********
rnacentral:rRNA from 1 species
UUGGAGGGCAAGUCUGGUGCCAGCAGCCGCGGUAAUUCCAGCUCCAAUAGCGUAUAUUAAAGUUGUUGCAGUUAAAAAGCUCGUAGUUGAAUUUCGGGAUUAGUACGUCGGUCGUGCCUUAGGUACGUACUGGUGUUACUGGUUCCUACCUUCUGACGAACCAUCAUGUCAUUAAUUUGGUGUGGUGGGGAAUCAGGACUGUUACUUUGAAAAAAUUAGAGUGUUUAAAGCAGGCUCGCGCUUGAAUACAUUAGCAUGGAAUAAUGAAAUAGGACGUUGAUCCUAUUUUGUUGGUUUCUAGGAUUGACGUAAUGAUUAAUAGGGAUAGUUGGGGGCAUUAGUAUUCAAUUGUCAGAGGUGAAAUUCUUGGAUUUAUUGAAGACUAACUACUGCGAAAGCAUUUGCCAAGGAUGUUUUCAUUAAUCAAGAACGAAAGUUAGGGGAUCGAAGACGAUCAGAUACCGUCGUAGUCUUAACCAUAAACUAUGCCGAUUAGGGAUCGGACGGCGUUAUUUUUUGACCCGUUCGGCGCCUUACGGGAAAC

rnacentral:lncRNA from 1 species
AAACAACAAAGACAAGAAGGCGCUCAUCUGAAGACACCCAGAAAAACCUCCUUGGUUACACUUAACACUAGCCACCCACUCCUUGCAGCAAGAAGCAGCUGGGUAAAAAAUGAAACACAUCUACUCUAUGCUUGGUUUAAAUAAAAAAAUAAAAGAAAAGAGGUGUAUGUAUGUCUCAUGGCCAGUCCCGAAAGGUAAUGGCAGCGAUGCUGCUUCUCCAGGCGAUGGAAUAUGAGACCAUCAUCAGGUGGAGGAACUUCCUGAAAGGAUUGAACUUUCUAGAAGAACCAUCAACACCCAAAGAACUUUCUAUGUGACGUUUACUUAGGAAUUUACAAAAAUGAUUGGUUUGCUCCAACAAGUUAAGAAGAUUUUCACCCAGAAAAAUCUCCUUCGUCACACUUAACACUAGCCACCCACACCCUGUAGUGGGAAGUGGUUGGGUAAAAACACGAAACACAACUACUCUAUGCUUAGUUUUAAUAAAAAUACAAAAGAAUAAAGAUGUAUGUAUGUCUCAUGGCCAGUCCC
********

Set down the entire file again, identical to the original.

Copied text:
rnacentral:rRNA from 1 species
UUGGAGGGCAAGUCUGGUGCCAGCAGCCGCGGUAAUUCCAGCUCCAAUAGCGUAUAUUAAAGUUGUUGCAGUUAAAAAGCUCGUAGUUGAAUUUCGGGAUUAGUACGUCGGUCGUGCCUUAGGUACGUACUGGUGUUACUGGUUCCUACCUUCUGACGAACCAUCAUGUCAUUAAUUUGGUGUGGUGGGGAAUCAGGACUGUUACUUUGAAAAAAUUAGAGUGUUUAAAGCAGGCUCGCGCUUGAAUACAUUAGCAUGGAAUAAUGAAAUAGGACGUUGAUCCUAUUUUGUUGGUUUCUAGGAUUGACGUAAUGAUUAAUAGGGAUAGUUGGGGGCAUUAGUAUUCAAUUGUCAGAGGUGAAAUUCUUGGAUUUAUUGAAGACUAACUACUGCGAAAGCAUUUGCCAAGGAUGUUUUCAUUAAUCAAGAACGAAAGUUAGGGGAUCGAAGACGAUCAGAUACCGUCGUAGUCUUAACCAUAAACUAUGCCGAUUAGGGAUCGGACGGCGUUAUUUUUUGACCCGUUCGGCGCCUUACGGGAAAC

rnacentral:lncRNA from 1 species
AAACAACAAAGACAAGAAGGCGCUCAUCUGAAGACACCCAGAAAAACCUCCUUGGUUACACUUAACACUAGCCACCCACUCCUUGCAGCAAGAAGCAGCUGGGUAAAAAAUGAAACACAUCUACUCUAUGCUUGGUUUAAAUAAAAAAAUAAAAGAAAAGAGGUGUAUGUAUGUCUCAUGGCCAGUCCCGAAAGGUAAUGGCAGCGAUGCUGCUUCUCCAGGCGAUGGAAUAUGAGACCAUCAUCAGGUGGAGGAACUUCCUGAAAGGAUUGAACUUUCUAGAAGAACCAUCAACACCCAAAGAACUUUCUAUGUGACGUUUACUUAGGAAUUUACAAAAAUGAUUGGUUUGCUCCAACAAGUUAAGAAGAUUUUCACCCAGAAAAAUCUCCUUCGUCACACUUAACACUAGCCACCCACACCCUGUAGUGGGAAGUGGUUGGGUAAAAACACGAAACACAACUACUCUAUGCUUAGUUUUAAUAAAAAUACAAAAGAAUAAAGAUGUAUGUAUGUCUCAUGGCCAGUCCC